“They know where HQ is,” a man named Jaeo said, one of the Bunker One refugees the Angels had taken in. “I’m not against it, but they only need to find HQ and take it over to win. Right?”

“We got plenty of bases,” Raine said. “Plenty of space in our territory. We’ll keep this place as HQ for now. But we’re moving our main base further south.”

Several of the men started at that. Ohlan blinked, then frowned, but didn’t offer any argument. It was something Raine had been thinking about for a while, now, and the Reapers near success had only convinced him further.

“We’re harder to take over than my brother is suggesting. Carin knows it’s easier to make us think we lost than to actually take us over. He’d lose a lot of men trying and waste a lot of bullets, and he knows it. He can’t afford that.” Raine looked at Ohlan, who was openly scowling now. “You want to know why? Carin has his own enemies. It’s not just us who hate the Reapers. True, we are his most powerful rival. Even now. But there are more gangs just waiting for their chance to jump him the moment he’s weak. Sure, he has thousands of lives to spend if he really wants to take us over. I say let him. As soon he tries, we make it hell for him. Let him weaken himself, and if he does, guess what? There’s the Krakens down by Longbeach. There’s the Vultures up north. There’s The Hill Alliance, with Last Town and Riverside and Victorville, who would love to take back everything the Reapers took from them.”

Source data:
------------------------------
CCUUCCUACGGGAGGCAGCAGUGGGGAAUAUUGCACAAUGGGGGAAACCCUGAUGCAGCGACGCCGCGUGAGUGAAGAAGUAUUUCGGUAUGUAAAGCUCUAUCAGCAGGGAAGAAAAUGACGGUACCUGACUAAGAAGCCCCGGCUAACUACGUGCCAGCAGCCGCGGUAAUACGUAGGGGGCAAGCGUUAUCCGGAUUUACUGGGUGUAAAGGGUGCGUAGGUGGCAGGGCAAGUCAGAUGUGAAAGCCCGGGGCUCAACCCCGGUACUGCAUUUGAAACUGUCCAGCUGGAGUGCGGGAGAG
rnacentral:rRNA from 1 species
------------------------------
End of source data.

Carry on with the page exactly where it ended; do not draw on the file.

“What’s your point?” Ohlan asked.

“My point is, sure, the Reapers are top dog. For now. But the thing about top dogs is, they don’t stay on top for long…especially when they make a lot of people angry, and they find themselves weak from extending themselves too much. If anything, I welcome another attack.”

“What do you propose, then?” Ohlan asked grudgingly.

“We wait. We stall. We make Carin think we’re actually taking him seriously.” Raine chuckled. “We’re not, of course. And we do all we can to make him think we’re staying here when we’re really moving house. We consolidate ourselves here below the 105. We make alliances. Next time he attacks…he’ll find out he’s made the worst mistake of his life.”

The men murmured their agreement, all but a few who were loyal to Ohlan. Ohlan looked at his brother neutrally, but Raine knew what was really going on. Ohlan had made his play to take the gang in the direction he wanted, but Raine had maintained control.

Raine realized, not for the first time, the the greatest threat to the Lost Angels might not be Carin Black and the Reapers.

At long last, there were no more gunshots, but the following quiet was not peaceful.

Raine walked through the corridors of Lost Angels’ HQ, surveying the damage and helping anyone he could find, barking orders to anyone who didn’t look like they knew what they were doing…which was most. The bodies of the injured and the dead were just as numerous as those still alive.